FIRST, O songs, for a prelude,
Lightly strike on the stretchd tympanum, pride and joy in my city,
How she led the rest to armshow she gave the cue,
How at once with lithe limbs, unwaiting a moment, she sprang;
(O superb! O Manhattan, my own, my peerless!
O strongest you in the hour of danger, in crisis! O truer than steel!)
How you sprang! how you threw off the costumes of peace with indifferent hand;
How your soft opera-music changed, and the drum and fife were heard in their stead;
How you led to the war, (that shall serve for our prelude, songs of soldiers,)
How Manhattan drum-taps led.
Forty years had I in my city seen soldiers parading;
Forty years as a pageanttill unawares, the Lady of this teeming and turbulent city,
Sleepless amid her ships, her houses, her incalculable wealth,
With her million children around hersuddenly,
At dead of night, at news from the south,
Incensd, struck with clenchd hand the pavement.
A shock electricthe night sustaind it;
Till with ominous hum, our hive at day-break pourd out its myriads.
From the houses then, and the workshops, and through all the doorways,
Leapt they tumultuousand lo! Manhattan arming.
To the drum-taps prompt,
The young men falling in and arming;
The mechanics arming, (the trowel, the jack-plane, the blacksmiths hammer, tost
The lawyer leaving his office, and armingthe judge leaving the court;
The driver deserting his wagon in the street, jumping down, throwing the reins abruptly
The salesman leaving the storethe boss, book-keeper, porter, all leaving;
Squads gather everywhere by common consent, and arm;
The new recruits, even boysthe old men show them how to wear their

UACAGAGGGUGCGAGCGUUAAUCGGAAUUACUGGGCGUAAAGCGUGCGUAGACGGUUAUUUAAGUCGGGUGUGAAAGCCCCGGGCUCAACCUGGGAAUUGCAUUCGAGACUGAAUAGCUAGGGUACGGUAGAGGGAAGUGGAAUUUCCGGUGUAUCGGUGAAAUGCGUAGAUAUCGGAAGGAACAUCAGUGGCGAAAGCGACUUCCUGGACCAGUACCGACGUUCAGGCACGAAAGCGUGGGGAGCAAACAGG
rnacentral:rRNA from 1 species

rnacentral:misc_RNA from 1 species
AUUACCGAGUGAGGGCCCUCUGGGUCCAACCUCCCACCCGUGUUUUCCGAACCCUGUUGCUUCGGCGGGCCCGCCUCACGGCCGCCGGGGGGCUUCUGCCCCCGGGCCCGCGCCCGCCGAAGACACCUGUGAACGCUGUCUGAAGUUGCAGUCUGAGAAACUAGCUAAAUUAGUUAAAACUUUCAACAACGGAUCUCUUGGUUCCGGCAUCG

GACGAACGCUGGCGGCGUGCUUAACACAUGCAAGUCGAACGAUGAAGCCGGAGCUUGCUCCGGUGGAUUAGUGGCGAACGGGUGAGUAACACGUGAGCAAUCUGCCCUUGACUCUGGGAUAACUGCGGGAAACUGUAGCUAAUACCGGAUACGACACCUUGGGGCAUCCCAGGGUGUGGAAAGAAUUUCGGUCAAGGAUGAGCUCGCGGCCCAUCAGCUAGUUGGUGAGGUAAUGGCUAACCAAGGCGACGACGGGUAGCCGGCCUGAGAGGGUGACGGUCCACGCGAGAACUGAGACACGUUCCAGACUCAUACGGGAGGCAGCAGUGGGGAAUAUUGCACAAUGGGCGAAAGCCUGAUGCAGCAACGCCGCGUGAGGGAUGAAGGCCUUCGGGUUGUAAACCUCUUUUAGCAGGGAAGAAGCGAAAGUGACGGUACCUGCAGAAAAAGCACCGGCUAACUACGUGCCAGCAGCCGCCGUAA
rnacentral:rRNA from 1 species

buckle the straps carefully;
Outdoors armingindoors armingthe flash of the musket-barrels;
The white tents cluster in campsthe armd sentries aroundthe sunrise
again at sunset;
Armd regiments arrive every day, pass through the city, and embark from the wharves;
(How good they look, as they tramp down to the river, sweaty, with their guns on their
How I love them! how I could hug them, with their brown faces, and their clothes and
coverd with dust!)
The blood of the city uparmd! armd! the cry everywhere;
The flags flung out from the steeples of churches, and from all the public buildings and
The tearful partingthe mother kisses her sonthe son kisses his mother;
(Loth is the mother to partyet not a word does she speak to detain him;)
The tumultuous escortthe ranks of policemen preceding, clearing the way;
The unpent enthusiasmthe wild cheers of the crowd for their favorites;
The artillerythe silent cannons, bright as gold, drawn along, rumble lightly over
(Silent cannonssoon to cease your silence!
Soon, unlimberd, to begin the red business;)
All the mutter of preparationall the determind arming;
The hospital servicethe lint, bandages, and medicines;
The women volunteering for nursesthe work begun for, in earnestno mere parade
War! an armd race is advancing!the welcome for battleno turning away;
War! be it weeks, months, or yearsan armd race is advancing to welcome it.
Mannahatta a-march!and its O to sing it well!
Its O for a manly life in the camp!
And the sturdy artillery!
The guns, bright as goldthe work for giantsto serve well the guns:
Unlimber them! no more, as the past forty years, for salutes for courtesies merely;
Put in something else now besides powder and wadding.
And you, Lady of Ships! you Mannahatta!
Old matron of this proud, friendly, turbulent city!
Often in peace and wealth you were pensive, or covertly frownd amid all your
But now you smile with joy, exulting old Mannahatta!